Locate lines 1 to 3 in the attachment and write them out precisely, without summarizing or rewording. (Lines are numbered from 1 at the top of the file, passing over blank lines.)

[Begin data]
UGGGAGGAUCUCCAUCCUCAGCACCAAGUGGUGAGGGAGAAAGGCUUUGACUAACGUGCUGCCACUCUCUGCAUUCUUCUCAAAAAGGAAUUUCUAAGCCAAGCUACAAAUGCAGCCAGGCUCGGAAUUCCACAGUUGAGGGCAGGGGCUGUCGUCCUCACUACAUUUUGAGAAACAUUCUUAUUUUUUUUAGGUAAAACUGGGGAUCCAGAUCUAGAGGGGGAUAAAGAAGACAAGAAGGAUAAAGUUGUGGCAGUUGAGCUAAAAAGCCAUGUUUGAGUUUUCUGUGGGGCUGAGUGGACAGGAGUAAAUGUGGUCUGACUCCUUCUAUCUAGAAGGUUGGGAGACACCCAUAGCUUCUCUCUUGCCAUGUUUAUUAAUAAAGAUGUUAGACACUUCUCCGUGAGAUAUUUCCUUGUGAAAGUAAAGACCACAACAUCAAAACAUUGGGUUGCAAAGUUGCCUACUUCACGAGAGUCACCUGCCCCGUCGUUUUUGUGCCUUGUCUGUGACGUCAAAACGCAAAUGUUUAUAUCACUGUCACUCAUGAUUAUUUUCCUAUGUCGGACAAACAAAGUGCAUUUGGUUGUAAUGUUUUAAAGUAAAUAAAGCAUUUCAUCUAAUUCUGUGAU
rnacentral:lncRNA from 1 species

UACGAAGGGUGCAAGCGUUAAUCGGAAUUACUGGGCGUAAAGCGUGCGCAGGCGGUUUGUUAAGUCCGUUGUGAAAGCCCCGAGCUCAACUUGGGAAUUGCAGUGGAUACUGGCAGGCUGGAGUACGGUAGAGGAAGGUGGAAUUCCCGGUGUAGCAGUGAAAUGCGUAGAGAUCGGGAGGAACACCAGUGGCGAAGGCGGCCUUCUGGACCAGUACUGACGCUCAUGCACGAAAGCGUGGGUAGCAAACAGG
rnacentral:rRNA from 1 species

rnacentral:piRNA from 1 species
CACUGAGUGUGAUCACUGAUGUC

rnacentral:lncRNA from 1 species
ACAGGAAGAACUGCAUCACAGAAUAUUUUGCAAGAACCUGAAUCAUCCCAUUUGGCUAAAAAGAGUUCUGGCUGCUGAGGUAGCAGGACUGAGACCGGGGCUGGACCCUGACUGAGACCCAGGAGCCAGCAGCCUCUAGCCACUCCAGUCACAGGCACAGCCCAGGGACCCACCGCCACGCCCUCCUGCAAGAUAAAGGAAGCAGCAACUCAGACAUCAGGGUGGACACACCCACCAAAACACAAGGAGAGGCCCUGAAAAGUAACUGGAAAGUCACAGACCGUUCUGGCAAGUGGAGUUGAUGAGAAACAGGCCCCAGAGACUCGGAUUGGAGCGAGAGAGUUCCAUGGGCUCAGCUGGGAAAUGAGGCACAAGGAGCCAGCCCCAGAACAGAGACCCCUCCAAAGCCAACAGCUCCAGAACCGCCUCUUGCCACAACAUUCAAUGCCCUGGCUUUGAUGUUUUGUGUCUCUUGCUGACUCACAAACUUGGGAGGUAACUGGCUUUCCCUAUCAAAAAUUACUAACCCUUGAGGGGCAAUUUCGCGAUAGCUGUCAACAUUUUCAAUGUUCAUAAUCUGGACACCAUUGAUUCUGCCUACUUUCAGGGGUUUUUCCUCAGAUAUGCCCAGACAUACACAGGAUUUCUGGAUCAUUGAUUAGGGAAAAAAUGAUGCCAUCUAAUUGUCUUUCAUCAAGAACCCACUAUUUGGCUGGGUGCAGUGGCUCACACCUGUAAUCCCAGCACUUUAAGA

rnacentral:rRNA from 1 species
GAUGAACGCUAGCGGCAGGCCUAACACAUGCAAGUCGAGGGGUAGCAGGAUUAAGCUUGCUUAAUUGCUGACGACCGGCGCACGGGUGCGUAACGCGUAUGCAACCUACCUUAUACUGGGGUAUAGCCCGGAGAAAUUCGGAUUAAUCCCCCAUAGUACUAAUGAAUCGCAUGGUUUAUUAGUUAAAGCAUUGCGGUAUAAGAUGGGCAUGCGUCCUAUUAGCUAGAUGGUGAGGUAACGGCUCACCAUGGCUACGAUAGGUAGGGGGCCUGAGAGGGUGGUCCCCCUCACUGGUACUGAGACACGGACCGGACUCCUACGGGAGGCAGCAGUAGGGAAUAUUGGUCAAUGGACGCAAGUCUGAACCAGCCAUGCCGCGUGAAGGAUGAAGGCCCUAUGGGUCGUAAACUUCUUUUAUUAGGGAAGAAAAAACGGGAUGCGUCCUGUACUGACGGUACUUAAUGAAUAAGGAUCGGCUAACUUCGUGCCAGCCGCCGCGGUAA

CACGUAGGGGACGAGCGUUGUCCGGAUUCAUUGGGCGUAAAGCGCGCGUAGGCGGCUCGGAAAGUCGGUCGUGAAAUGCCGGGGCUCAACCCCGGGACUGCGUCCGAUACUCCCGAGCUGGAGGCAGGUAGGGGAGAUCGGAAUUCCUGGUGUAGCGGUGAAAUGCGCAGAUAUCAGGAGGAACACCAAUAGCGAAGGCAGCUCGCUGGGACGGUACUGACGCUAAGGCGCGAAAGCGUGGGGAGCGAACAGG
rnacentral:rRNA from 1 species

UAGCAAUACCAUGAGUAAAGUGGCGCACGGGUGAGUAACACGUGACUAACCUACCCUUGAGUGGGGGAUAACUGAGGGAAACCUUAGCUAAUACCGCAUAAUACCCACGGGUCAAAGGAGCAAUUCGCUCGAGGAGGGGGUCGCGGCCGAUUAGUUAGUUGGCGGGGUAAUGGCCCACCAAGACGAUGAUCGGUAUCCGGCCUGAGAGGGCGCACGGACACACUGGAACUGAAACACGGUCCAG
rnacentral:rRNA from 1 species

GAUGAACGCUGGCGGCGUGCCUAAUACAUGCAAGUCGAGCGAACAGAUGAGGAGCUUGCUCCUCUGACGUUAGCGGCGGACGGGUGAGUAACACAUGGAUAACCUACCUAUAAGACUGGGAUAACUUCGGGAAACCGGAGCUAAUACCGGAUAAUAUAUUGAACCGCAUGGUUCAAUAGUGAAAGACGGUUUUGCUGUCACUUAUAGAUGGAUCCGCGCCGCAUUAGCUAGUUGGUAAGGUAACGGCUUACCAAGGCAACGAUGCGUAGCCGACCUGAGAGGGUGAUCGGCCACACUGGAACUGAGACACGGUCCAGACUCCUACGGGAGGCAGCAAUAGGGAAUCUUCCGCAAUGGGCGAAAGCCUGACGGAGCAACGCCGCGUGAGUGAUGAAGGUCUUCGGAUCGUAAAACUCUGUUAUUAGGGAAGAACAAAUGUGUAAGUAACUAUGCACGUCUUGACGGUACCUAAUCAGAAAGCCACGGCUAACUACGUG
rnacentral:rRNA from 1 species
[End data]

UGGGAGGAUCUCCAUCCUCAGCACCAAGUGGUGAGGGAGAAAGGCUUUGACUAACGUGCUGCCACUCUCUGCAUUCUUCUCAAAAAGGAAUUUCUAAGCCAAGCUACAAAUGCAGCCAGGCUCGGAAUUCCACAGUUGAGGGCAGGGGCUGUCGUCCUCACUACAUUUUGAGAAACAUUCUUAUUUUUUUUAGGUAAAACUGGGGAUCCAGAUCUAGAGGGGGAUAAAGAAGACAAGAAGGAUAAAGUUGUGGCAGUUGAGCUAAAAAGCCAUGUUUGAGUUUUCUGUGGGGCUGAGUGGACAGGAGUAAAUGUGGUCUGACUCCUUCUAUCUAGAAGGUUGGGAGACACCCAUAGCUUCUCUCUUGCCAUGUUUAUUAAUAAAGAUGUUAGACACUUCUCCGUGAGAUAUUUCCUUGUGAAAGUAAAGACCACAACAUCAAAACAUUGGGUUGCAAAGUUGCCUACUUCACGAGAGUCACCUGCCCCGUCGUUUUUGUGCCUUGUCUGUGACGUCAAAACGCAAAUGUUUAUAUCACUGUCACUCAUGAUUAUUUUCCUAUGUCGGACAAACAAAGUGCAUUUGGUUGUAAUGUUUUAAAGUAAAUAAAGCAUUUCAUCUAAUUCUGUGAU
rnacentral:lncRNA from 1 species

UACGAAGGGUGCAAGCGUUAAUCGGAAUUACUGGGCGUAAAGCGUGCGCAGGCGGUUUGUUAAGUCCGUUGUGAAAGCCCCGAGCUCAACUUGGGAAUUGCAGUGGAUACUGGCAGGCUGGAGUACGGUAGAGGAAGGUGGAAUUCCCGGUGUAGCAGUGAAAUGCGUAGAGAUCGGGAGGAACACCAGUGGCGAAGGCGGCCUUCUGGACCAGUACUGACGCUCAUGCACGAAAGCGUGGGUAGCAAACAGG